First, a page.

Day 14 began with the promise of plenty of sun, and it stayed the whole day. It also began with a wind from the north that prompted you to hang onto your hat. So the decision was to forget the North Beach, though I went for a walk there this morning, and saw a significantly diminished beach with amazing waves.
So what to do on Day 14 of a 14 day vacation? All of those things I either wanted to do or enjoyed so much that I want to do it again. That meant Heuvos Mortulenos for breakfast, with orange juice. I haven't figured out dinner yet, but have many ideas. Perhaps later I will happen upon Lupita who is the feeder-of-the-island cats. She carries bags that are full of: dry cat food, cans of wet food, empty bowls. She goes to various locations around the island in the evening; many of the cats are waiting for her. There are a total of 120 cats that hang out on the island. Most of them have had their operations thanks to volunteer vets. Lupita does her rounds every evening.
In addition to the cats, the streets are alive after the sun goes down. People wander up and down, some are eating at tables that line the street. There are both local islanders and travellers.
What I have noticed about the travellers is that most do not travel alone. Those that do frequently stay at the hostel. Cancun, which we can see from the west shore, is a 20-minute ferry ride away, but the difference between the two places is like being on different planets. Still, the island does get to see the Cancun people; these people, I call:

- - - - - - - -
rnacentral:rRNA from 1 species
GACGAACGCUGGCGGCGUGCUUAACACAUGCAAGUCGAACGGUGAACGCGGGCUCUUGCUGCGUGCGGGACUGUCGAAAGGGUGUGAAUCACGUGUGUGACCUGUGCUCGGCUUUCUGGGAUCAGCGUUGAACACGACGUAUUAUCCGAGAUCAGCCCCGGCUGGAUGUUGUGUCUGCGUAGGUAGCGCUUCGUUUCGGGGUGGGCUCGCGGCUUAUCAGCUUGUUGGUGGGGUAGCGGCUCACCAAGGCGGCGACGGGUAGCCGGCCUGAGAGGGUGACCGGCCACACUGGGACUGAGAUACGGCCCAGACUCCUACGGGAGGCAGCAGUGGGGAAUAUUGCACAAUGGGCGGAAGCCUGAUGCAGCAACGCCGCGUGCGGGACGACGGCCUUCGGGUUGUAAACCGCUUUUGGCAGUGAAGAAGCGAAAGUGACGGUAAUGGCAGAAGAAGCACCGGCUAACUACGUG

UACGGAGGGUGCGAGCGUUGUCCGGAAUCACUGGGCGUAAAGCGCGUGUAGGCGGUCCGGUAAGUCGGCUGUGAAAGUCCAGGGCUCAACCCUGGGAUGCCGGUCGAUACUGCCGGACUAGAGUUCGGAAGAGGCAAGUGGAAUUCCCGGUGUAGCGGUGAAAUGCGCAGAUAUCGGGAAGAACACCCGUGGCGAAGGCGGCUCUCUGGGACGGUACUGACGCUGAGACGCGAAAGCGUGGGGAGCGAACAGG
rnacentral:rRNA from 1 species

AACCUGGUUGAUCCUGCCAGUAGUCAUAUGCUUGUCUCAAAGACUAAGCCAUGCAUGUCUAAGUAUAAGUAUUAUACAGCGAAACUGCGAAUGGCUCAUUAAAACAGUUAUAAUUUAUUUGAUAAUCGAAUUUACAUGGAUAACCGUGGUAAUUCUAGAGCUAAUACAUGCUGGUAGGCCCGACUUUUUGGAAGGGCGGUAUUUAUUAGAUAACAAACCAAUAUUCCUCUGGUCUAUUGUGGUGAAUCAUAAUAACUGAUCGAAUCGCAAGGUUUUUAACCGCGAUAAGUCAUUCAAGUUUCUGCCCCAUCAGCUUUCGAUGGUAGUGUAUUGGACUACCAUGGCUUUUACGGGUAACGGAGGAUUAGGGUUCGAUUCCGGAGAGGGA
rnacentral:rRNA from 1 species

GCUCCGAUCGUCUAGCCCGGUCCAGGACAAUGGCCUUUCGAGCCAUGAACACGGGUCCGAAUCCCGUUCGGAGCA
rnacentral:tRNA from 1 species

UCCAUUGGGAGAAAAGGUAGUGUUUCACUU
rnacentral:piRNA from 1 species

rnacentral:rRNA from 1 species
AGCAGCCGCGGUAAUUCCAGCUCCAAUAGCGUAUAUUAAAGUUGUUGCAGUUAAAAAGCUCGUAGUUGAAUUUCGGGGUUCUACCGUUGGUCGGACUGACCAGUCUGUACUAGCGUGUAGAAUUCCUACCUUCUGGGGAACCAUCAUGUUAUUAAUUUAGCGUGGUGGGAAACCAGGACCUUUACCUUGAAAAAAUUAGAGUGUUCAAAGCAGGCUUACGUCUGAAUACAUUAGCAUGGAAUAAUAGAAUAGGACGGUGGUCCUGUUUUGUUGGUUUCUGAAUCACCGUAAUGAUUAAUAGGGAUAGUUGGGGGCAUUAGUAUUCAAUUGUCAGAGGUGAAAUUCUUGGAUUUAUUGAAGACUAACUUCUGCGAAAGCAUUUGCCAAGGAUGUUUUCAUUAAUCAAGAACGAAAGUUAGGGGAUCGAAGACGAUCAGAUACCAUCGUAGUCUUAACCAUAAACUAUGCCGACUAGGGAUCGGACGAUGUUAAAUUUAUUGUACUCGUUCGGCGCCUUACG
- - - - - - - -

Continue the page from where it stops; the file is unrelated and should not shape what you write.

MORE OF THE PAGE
Day Trippers: They arrived in big boats with loud dancing music; they come for bar service right to their beach chairs. Sometimes you may see them in the shops.
There are also:
Long Timers: These people stay on the island for more than a month. They may go to the mainland to get staples often at Super Stores (Costco, Walmart, Sam's Club). The long-timers usually make some of their meals, but they are important people to talk to if you want to know good restaurants. The long-timers have a conflict. They are very excited about life on Isla Mujeres and cannot contain themselves with their enthusiasm; they want to pass it on. But, they don't want the place to be spoilt so part of them wants to keep it all to themselves. There are sub-groups of the long-timers: those that speak Spanish, and those that don't.
There are also vacationers. These poor buggers have only so much vacation time each year and it is all spread too thin. They often ask questions to the long-timers, to the effect, "how do you do it?"
The charm of Isla Mujeres does not happen right away. But once you have been bespelled, returning is a must. Long-timers may buy property or a time share; vacationers, when they are wandering the streets, look for longer-term rentals in hopes that they can find a way of being independently wealthy.
There are also purists. Once they get on the island, they have no desire to leave. Cancun is nothing but a hassle, so they avoid it like the plague. Purists can either be Long Timers or Vacationers.
Time to find dinner... perhaps a crepe as well....